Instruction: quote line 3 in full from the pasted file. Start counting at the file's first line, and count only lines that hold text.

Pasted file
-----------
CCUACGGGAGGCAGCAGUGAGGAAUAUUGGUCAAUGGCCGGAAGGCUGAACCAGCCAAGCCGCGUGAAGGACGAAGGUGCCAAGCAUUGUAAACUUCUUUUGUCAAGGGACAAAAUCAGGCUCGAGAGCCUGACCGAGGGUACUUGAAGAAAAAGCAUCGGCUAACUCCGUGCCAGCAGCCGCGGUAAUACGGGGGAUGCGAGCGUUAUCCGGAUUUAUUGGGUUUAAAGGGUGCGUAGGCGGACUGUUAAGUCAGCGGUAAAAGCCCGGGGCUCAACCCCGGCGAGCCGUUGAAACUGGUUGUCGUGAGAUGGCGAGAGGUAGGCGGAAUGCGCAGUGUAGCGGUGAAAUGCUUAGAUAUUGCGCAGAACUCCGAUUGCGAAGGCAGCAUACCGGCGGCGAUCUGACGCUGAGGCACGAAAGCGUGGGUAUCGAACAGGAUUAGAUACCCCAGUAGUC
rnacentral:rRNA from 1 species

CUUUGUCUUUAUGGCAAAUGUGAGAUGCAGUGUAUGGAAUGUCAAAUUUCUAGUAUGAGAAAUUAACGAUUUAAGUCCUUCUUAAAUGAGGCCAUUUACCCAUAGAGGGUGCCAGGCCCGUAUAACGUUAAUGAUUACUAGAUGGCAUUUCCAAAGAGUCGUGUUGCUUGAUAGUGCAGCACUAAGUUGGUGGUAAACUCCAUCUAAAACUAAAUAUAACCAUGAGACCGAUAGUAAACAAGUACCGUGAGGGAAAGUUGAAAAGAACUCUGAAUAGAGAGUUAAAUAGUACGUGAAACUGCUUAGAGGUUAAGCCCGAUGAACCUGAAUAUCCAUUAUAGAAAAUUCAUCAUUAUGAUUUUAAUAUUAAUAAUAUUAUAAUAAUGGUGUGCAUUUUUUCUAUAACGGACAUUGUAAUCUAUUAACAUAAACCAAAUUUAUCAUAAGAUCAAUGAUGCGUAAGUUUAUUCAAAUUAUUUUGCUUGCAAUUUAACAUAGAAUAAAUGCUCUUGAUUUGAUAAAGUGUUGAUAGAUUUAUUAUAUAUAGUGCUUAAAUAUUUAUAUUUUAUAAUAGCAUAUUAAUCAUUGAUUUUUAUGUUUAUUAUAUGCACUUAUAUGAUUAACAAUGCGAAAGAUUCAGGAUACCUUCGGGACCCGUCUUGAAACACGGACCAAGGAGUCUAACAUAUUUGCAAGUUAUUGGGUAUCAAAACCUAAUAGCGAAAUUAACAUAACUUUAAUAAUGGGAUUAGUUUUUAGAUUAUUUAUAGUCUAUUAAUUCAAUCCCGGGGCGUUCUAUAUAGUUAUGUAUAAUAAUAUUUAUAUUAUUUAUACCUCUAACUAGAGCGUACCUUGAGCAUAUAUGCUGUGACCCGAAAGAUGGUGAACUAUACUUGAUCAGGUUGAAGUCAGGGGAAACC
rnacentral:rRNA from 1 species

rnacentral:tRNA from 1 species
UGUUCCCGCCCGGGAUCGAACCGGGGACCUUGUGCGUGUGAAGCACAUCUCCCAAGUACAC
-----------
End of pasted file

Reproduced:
CUUUGUCUUUAUGGCAAAUGUGAGAUGCAGUGUAUGGAAUGUCAAAUUUCUAGUAUGAGAAAUUAACGAUUUAAGUCCUUCUUAAAUGAGGCCAUUUACCCAUAGAGGGUGCCAGGCCCGUAUAACGUUAAUGAUUACUAGAUGGCAUUUCCAAAGAGUCGUGUUGCUUGAUAGUGCAGCACUAAGUUGGUGGUAAACUCCAUCUAAAACUAAAUAUAACCAUGAGACCGAUAGUAAACAAGUACCGUGAGGGAAAGUUGAAAAGAACUCUGAAUAGAGAGUUAAAUAGUACGUGAAACUGCUUAGAGGUUAAGCCCGAUGAACCUGAAUAUCCAUUAUAGAAAAUUCAUCAUUAUGAUUUUAAUAUUAAUAAUAUUAUAAUAAUGGUGUGCAUUUUUUCUAUAACGGACAUUGUAAUCUAUUAACAUAAACCAAAUUUAUCAUAAGAUCAAUGAUGCGUAAGUUUAUUCAAAUUAUUUUGCUUGCAAUUUAACAUAGAAUAAAUGCUCUUGAUUUGAUAAAGUGUUGAUAGAUUUAUUAUAUAUAGUGCUUAAAUAUUUAUAUUUUAUAAUAGCAUAUUAAUCAUUGAUUUUUAUGUUUAUUAUAUGCACUUAUAUGAUUAACAAUGCGAAAGAUUCAGGAUACCUUCGGGACCCGUCUUGAAACACGGACCAAGGAGUCUAACAUAUUUGCAAGUUAUUGGGUAUCAAAACCUAAUAGCGAAAUUAACAUAACUUUAAUAAUGGGAUUAGUUUUUAGAUUAUUUAUAGUCUAUUAAUUCAAUCCCGGGGCGUUCUAUAUAGUUAUGUAUAAUAAUAUUUAUAUUAUUUAUACCUCUAACUAGAGCGUACCUUGAGCAUAUAUGCUGUGACCCGAAAGAUGGUGAACUAUACUUGAUCAGGUUGAAGUCAGGGGAAACC